"No work, no school ... don't bank, don't buy," posters for the day that have been circulating around New York say. But activists are mixed on whether they expect the day of action to result in large-scale walk-offs from work, and one of the most controversial actions, a proposal to block traffic over the Golden Gate Bridge, was called off over the weekend.
A taste of the upcoming feature documentary, Occupy Love. This is a community funded film. http://www.occupylove.org "Love is the felt experience of connection to another being. An economist says 'more for you is less for me.' But the lover knows that more of you is more for me too. If you love somebody their happiness is your happiness. Their pain is your pain. Your sense of self expands to include other beings. This shift of consciousness is universal in everybody, 99% and 1%." ~ Charles Eisenstein
Who knew at the beginning of campaign season that modest Connecticut, Rhode Island and Delaware and mighty New York and Pennsylvania would be key to Mitt Romney’s all but certain capture of the republican nomination for president? Now, let’s check out the Federal Prison facilities in these states. Pennsylvania’s got a bunch. Wouldn’t that be ironic, what with Santorum being from the Keystone state and all. There’s one in Danbury; New York has a few. It could happen. Nominee Romney, if his finances were thoroughly vetted, could wind up residing in any one of the three named states.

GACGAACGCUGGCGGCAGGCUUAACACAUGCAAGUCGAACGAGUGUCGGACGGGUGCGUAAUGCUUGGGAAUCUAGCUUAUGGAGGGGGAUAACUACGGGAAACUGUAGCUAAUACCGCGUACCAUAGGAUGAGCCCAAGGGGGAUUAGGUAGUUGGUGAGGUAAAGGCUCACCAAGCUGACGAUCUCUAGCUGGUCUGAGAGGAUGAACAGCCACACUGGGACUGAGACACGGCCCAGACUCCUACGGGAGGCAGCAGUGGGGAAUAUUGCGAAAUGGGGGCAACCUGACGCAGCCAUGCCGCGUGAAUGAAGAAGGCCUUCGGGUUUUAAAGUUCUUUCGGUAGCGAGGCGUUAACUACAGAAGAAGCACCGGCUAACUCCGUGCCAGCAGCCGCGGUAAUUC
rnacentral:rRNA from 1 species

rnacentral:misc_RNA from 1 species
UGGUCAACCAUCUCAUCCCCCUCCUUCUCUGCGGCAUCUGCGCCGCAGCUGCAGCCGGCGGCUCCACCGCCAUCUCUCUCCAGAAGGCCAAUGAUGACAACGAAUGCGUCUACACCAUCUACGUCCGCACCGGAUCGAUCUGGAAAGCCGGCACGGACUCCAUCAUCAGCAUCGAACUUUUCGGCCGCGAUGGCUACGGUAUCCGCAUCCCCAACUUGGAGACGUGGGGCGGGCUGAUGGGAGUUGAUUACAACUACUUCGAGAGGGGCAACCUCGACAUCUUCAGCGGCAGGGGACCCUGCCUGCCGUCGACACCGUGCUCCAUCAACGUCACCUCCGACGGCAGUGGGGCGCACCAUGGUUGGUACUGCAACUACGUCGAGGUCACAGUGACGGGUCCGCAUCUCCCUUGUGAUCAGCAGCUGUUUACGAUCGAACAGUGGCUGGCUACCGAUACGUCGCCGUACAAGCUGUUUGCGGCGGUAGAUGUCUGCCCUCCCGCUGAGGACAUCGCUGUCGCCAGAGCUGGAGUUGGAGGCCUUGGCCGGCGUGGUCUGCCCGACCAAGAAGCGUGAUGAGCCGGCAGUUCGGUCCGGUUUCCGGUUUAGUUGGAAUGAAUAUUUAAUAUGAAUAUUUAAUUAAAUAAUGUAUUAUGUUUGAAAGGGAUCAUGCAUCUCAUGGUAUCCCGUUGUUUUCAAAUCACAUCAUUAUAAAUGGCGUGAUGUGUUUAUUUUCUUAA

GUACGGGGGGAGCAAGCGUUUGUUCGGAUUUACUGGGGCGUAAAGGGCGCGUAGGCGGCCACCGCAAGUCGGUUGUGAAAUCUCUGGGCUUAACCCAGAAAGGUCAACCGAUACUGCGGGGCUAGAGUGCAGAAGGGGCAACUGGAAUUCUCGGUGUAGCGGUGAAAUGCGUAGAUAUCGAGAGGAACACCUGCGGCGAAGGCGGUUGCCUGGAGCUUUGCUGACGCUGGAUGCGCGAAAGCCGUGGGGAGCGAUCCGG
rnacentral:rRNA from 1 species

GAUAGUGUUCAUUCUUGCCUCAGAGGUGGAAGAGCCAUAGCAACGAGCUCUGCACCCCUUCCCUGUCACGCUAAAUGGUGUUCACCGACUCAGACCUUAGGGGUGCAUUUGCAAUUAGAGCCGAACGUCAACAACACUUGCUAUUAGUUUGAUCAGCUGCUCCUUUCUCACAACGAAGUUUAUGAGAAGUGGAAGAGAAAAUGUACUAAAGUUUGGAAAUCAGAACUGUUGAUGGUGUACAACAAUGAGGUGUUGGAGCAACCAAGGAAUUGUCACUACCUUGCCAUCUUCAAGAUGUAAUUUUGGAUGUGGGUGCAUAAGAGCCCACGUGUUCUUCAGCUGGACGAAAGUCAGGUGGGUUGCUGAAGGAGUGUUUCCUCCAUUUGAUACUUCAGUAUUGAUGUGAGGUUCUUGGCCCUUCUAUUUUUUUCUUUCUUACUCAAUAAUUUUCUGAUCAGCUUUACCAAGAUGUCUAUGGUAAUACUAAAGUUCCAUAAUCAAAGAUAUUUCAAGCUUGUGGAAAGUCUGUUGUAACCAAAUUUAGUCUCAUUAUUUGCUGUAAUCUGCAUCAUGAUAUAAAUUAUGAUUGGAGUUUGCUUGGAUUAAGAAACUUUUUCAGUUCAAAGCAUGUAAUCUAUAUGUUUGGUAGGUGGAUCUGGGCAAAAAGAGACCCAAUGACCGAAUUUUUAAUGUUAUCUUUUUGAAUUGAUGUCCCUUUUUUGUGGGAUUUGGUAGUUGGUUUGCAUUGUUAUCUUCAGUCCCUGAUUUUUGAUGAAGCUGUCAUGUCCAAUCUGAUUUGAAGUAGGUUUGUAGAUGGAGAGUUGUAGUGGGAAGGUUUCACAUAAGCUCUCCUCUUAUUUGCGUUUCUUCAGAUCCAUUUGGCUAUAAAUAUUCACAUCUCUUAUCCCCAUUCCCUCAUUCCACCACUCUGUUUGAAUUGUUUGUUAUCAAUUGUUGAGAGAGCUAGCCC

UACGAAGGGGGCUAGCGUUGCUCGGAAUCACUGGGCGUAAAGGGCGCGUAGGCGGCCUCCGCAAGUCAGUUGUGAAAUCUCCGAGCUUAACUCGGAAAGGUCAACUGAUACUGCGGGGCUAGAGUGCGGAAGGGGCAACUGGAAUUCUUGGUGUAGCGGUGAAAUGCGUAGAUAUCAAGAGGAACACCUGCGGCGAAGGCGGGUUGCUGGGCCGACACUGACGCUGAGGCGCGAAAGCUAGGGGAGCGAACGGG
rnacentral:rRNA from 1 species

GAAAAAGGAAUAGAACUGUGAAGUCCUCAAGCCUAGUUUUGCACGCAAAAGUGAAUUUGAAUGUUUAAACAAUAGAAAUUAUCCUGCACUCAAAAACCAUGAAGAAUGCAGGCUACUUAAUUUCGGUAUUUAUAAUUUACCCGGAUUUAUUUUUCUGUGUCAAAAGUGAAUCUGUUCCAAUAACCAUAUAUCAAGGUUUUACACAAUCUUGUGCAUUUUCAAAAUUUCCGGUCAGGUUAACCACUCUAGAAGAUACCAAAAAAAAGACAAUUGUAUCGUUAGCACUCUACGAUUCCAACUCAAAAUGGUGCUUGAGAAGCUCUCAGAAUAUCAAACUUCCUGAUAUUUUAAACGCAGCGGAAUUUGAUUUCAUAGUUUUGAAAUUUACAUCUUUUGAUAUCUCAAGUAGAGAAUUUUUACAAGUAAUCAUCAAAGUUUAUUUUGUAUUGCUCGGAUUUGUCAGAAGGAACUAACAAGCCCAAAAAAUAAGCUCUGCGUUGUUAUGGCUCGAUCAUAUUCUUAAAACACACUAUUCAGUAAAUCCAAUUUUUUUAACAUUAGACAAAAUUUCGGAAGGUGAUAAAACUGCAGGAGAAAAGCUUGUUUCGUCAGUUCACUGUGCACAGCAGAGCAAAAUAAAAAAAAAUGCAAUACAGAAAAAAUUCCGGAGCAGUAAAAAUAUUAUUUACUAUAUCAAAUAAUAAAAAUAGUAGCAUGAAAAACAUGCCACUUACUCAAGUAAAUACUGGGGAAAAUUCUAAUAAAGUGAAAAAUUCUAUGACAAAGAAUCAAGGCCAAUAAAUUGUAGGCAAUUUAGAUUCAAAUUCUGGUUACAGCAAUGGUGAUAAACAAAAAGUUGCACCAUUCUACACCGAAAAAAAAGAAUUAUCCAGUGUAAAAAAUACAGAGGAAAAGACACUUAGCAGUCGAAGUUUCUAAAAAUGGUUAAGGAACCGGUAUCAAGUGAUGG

I’m not suggesting Romney’s a crook. I am suggesting we take a deep and penetrating look at his finances apropos of anyone seeking the highest office in the land.
There are enough red flags in his minimal release of just two years of tax returns to proceed with a full-bore inquiry of his finances. If Greg Palast is busy elsewhere, it won’t happen because we have no other investigative reporters (just as the corporatist media planned it).
Rush Limbaugh went after Georgetown University law student Sandra Fluke again on Tuesday for what he called "coordinating" with President Obama to "scare students about the interest rates on their loans."
During his Tuesday radio show, Limbaugh read a tweet Fluke sent, which said, "#DontDoubleMyRate. Many students will see the interest rate on Fed #StudentLoans increase if Congress doesn't act by 7/1."
Hundreds of Occupy Wall Street demonstrators from across the country descended on San Francisco Tuesday in an attempt to crash banking giant Wells Fargo's annual shareholders meeting.
Several dozen people representing community groups had bought company stock and were allowed inside. Police said 24 people were arrested, including 15 for disrupting the meeting while inside the standing-room-only gathering of nearly 300 people.
Demonstrators outside the Merchant's Exchange Building in the city's bustling financial district waved signs and blocked the street while chanting, "We are the 99 percent! Let us in!"
Dozens of officers were stationed around the building in advance of the 1 p.m. meeting. Authorities said the demonstration saw only minor skirmishes between protesters and police.
Shareholder Erik Crew, 30, of Cincinnati, said he was arrested at the meeting shortly after one protester shouted that Wells Fargo should pay its fair share of corporate taxes. A group of women then said the bank should be ashamed of investing in private prisons and pleaded for a moratorium on home foreclosures, he said.